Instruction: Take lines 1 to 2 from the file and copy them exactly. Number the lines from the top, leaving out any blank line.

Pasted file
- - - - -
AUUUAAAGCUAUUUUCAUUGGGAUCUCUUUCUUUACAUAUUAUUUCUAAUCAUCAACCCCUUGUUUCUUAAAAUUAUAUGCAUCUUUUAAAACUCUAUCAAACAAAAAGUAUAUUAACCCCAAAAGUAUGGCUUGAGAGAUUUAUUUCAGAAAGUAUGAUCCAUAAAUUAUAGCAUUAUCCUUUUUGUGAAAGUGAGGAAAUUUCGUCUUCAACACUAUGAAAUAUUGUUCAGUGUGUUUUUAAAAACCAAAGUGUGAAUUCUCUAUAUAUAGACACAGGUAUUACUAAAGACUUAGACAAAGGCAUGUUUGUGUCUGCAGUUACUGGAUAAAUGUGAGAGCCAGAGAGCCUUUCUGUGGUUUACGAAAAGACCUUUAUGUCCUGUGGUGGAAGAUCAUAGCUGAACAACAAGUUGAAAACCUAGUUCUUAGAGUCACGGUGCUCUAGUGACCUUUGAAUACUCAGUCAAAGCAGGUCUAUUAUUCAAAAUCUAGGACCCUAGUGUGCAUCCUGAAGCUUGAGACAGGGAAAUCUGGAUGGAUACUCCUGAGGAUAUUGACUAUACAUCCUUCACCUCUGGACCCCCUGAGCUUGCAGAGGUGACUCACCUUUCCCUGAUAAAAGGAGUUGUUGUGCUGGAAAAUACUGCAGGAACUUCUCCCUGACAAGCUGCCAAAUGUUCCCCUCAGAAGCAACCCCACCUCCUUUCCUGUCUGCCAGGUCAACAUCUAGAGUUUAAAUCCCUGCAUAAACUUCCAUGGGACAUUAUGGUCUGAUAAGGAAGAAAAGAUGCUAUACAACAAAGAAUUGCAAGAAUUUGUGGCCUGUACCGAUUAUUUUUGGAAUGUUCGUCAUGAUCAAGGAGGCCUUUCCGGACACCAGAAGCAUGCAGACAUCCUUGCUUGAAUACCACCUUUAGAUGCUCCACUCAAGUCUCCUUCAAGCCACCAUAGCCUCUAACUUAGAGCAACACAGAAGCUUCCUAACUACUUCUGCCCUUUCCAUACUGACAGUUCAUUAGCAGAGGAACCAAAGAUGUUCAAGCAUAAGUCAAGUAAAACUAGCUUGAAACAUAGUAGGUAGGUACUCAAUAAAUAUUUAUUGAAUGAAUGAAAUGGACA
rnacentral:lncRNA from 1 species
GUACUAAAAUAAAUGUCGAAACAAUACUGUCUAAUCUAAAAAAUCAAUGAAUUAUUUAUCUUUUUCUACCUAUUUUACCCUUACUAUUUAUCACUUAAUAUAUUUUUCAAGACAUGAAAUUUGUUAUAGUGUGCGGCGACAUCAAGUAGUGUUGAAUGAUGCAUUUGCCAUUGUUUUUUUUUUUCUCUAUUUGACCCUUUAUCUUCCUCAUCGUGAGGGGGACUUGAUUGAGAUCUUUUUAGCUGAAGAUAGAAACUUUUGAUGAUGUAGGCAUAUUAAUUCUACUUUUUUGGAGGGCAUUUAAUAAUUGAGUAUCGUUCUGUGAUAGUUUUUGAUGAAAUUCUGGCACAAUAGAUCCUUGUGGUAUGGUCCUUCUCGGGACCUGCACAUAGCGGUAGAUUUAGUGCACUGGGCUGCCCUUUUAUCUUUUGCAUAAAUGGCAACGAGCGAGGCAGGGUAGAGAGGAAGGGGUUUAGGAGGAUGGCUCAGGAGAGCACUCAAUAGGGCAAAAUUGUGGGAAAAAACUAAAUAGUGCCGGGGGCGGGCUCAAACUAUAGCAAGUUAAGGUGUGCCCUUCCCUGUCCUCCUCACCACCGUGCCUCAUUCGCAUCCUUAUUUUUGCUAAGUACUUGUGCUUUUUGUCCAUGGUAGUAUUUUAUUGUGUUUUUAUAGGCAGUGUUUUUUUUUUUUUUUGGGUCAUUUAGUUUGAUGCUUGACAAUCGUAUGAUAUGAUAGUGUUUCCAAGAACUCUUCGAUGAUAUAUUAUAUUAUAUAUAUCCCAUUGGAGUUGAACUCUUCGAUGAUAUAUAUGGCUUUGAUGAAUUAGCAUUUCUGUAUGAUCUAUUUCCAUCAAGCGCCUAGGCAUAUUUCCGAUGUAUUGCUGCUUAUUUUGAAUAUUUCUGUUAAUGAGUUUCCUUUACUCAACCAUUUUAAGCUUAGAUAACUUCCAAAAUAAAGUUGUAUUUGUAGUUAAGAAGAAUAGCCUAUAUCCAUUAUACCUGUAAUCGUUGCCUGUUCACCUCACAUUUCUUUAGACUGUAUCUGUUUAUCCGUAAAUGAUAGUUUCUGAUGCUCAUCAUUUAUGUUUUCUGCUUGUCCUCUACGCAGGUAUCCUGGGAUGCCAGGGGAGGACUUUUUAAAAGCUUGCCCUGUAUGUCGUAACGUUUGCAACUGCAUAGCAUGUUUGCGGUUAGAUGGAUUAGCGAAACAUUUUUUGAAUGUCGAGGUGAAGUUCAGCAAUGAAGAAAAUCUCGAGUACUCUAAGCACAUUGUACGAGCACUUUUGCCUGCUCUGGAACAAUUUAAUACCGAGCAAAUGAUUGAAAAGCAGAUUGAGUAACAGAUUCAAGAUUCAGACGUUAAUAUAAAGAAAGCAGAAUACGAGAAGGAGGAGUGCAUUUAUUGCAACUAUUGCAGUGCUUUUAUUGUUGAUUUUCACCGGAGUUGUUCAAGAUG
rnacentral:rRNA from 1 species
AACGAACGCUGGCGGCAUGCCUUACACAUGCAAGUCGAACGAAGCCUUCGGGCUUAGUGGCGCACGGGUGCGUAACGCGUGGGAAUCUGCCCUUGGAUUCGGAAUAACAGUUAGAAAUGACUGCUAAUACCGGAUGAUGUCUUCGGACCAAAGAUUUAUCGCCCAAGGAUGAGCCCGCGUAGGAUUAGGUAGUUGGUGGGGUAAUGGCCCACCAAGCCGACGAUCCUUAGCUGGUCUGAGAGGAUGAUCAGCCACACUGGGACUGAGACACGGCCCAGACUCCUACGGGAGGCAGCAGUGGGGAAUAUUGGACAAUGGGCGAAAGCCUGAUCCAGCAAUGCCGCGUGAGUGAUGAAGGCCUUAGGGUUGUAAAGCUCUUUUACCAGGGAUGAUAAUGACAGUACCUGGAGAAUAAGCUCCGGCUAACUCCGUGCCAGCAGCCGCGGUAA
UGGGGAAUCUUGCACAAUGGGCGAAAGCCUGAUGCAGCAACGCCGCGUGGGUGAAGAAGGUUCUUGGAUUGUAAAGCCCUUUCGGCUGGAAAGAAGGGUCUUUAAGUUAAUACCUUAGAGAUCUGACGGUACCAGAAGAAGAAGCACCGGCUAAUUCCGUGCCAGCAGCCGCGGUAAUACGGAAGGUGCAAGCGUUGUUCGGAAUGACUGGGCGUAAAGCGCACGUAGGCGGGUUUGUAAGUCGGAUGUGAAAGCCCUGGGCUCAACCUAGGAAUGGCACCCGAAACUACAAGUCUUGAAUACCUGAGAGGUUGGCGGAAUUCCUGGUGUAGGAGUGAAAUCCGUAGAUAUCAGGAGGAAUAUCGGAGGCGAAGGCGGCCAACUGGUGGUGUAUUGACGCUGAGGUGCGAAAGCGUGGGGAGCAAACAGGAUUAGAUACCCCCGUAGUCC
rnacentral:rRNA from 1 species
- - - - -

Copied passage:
AUUUAAAGCUAUUUUCAUUGGGAUCUCUUUCUUUACAUAUUAUUUCUAAUCAUCAACCCCUUGUUUCUUAAAAUUAUAUGCAUCUUUUAAAACUCUAUCAAACAAAAAGUAUAUUAACCCCAAAAGUAUGGCUUGAGAGAUUUAUUUCAGAAAGUAUGAUCCAUAAAUUAUAGCAUUAUCCUUUUUGUGAAAGUGAGGAAAUUUCGUCUUCAACACUAUGAAAUAUUGUUCAGUGUGUUUUUAAAAACCAAAGUGUGAAUUCUCUAUAUAUAGACACAGGUAUUACUAAAGACUUAGACAAAGGCAUGUUUGUGUCUGCAGUUACUGGAUAAAUGUGAGAGCCAGAGAGCCUUUCUGUGGUUUACGAAAAGACCUUUAUGUCCUGUGGUGGAAGAUCAUAGCUGAACAACAAGUUGAAAACCUAGUUCUUAGAGUCACGGUGCUCUAGUGACCUUUGAAUACUCAGUCAAAGCAGGUCUAUUAUUCAAAAUCUAGGACCCUAGUGUGCAUCCUGAAGCUUGAGACAGGGAAAUCUGGAUGGAUACUCCUGAGGAUAUUGACUAUACAUCCUUCACCUCUGGACCCCCUGAGCUUGCAGAGGUGACUCACCUUUCCCUGAUAAAAGGAGUUGUUGUGCUGGAAAAUACUGCAGGAACUUCUCCCUGACAAGCUGCCAAAUGUUCCCCUCAGAAGCAACCCCACCUCCUUUCCUGUCUGCCAGGUCAACAUCUAGAGUUUAAAUCCCUGCAUAAACUUCCAUGGGACAUUAUGGUCUGAUAAGGAAGAAAAGAUGCUAUACAACAAAGAAUUGCAAGAAUUUGUGGCCUGUACCGAUUAUUUUUGGAAUGUUCGUCAUGAUCAAGGAGGCCUUUCCGGACACCAGAAGCAUGCAGACAUCCUUGCUUGAAUACCACCUUUAGAUGCUCCACUCAAGUCUCCUUCAAGCCACCAUAGCCUCUAACUUAGAGCAACACAGAAGCUUCCUAACUACUUCUGCCCUUUCCAUACUGACAGUUCAUUAGCAGAGGAACCAAAGAUGUUCAAGCAUAAGUCAAGUAAAACUAGCUUGAAACAUAGUAGGUAGGUACUCAAUAAAUAUUUAUUGAAUGAAUGAAAUGGACA
rnacentral:lncRNA from 1 species